Where do you stand on the trend of Canadian investment firms buying up Oregon companies?
Did you ever see that documentary Marjoe? He was a young evangelist preacher who took notes from Mick Jagger, Billy Graham, Ray Charles, and he'd go into these Baptist revival tents in the South, and people would eat it up. He totally did it for the money. But someone pointed out to me that, sure, he was a false prophet, but everywhere he spoke, people still got to connect with Jesus. So all these big companies are still spreading the overall message of the plant. With more money for lobbyists, the big guys could really help open up regulations and new laws. I'm concerned for the mom-and-pop farmers, yes. But there are some positives.
I honestly didn't expect you to know much about weed.
I love the agriculture of it. I love the medicine and the possibility of what it could do for our community. I may not be a proliferate smoker who is constantly high, but I'll have a 2.5-gram bite of chocolate when I can't sleep. I do CBD every day, to regulate my endocannabinoid system, because I know something is always out of balance. I'm an actor—of course I'm out of balance.
You refer to your Cherry Pie strain as "the marriage counselor." What's the story there?
At night, when my wife says, "Are you hungry? What do you want to eat?" I say, "I'd like a cheeseburger." She goes, "Eh, that sounds heavy to me." "Well, how about sushi?" "I ate sushi with my mom last night." I'm like, "Why the hell are you asking me what I want to eat when you know damn well we're going to go where you want to go?" So now, I take a little hit of my Cherry Pie. Then when she asks, "Where do you want to eat?" I say, "Baby, I'll go to Taco Bell, as long as you're sitting across from me." So I call it the marriage counselor.
I heard about the makings of a pop-up dispensary that would offer alternatives to people addicted to opiates. What would that look like?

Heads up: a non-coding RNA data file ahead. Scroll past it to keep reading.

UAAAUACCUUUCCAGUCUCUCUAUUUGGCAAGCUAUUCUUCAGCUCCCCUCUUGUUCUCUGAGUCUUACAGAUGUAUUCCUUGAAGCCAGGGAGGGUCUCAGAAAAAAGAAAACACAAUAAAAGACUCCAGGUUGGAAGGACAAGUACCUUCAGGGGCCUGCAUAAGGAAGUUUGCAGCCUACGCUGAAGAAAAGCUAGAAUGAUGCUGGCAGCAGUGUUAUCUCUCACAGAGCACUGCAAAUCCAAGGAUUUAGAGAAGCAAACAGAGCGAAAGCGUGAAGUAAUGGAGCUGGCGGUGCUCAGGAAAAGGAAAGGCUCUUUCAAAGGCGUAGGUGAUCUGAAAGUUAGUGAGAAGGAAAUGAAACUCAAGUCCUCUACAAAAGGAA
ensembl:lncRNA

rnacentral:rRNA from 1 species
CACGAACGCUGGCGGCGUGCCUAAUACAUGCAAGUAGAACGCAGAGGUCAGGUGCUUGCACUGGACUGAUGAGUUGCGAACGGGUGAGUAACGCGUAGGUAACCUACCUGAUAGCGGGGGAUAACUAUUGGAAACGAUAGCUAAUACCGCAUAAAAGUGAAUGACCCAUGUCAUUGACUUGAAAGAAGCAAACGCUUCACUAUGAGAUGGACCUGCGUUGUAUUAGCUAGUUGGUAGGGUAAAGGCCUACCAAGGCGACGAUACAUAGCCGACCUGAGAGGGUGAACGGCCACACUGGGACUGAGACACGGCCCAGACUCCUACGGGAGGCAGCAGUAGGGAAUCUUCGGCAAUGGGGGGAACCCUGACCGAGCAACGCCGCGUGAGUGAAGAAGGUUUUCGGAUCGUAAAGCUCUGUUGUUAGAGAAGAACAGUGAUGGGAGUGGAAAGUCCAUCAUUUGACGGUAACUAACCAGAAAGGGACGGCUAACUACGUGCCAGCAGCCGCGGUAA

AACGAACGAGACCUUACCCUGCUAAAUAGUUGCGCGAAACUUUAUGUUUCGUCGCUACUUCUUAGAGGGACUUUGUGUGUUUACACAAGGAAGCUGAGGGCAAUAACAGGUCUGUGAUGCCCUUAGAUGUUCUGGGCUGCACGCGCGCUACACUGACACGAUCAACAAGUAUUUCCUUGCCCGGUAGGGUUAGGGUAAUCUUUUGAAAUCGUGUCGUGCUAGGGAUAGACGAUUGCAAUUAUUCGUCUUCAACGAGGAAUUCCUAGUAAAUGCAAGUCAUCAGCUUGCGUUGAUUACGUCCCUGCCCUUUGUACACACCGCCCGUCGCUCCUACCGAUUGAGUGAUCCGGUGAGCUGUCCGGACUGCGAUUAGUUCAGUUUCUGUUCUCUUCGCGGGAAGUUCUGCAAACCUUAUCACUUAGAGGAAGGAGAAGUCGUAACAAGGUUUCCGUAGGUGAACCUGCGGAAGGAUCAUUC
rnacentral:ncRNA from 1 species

Well, it's not final. But Danny Aykroyd and I are very interested in stopping the opioid epidemic. I want to figure out an opioid trade program, where you bring your opiates in and trade them for marijuana. That poses a lot of problems. U.S. Drug Enforcement Administration, pharmacists, doctors, budtenders holding opiates? No way. But the first step to making a difference is getting people off what they're on. If they have weed instead, and stay off drugs long enough, they just might gain enough clarity to start making different choices. We've been working with the Oregon Liquor Control Commission, and I'm hoping to meet with the city to keep talks going.
When you have to tend to your other careers, in California and on tour, what do you miss most about Oregon?
I spend all the time I can here. There's something about the people here, in the cannabis community and in Oregon—they lean in. They're welcoming. It's easy to open up. They aren't all from here, of course, but I think the people who come here take on that nature, too. I suppose I miss my kitchen. There's a big window that looks out over the river. I miss when the sun hits Table Rock across the way and lights up the house with a golden light that's just glorious.
MORE: Belushi's Private Vault is available at multiple Portland dispensaries. Go to belushisfarm.com for more information.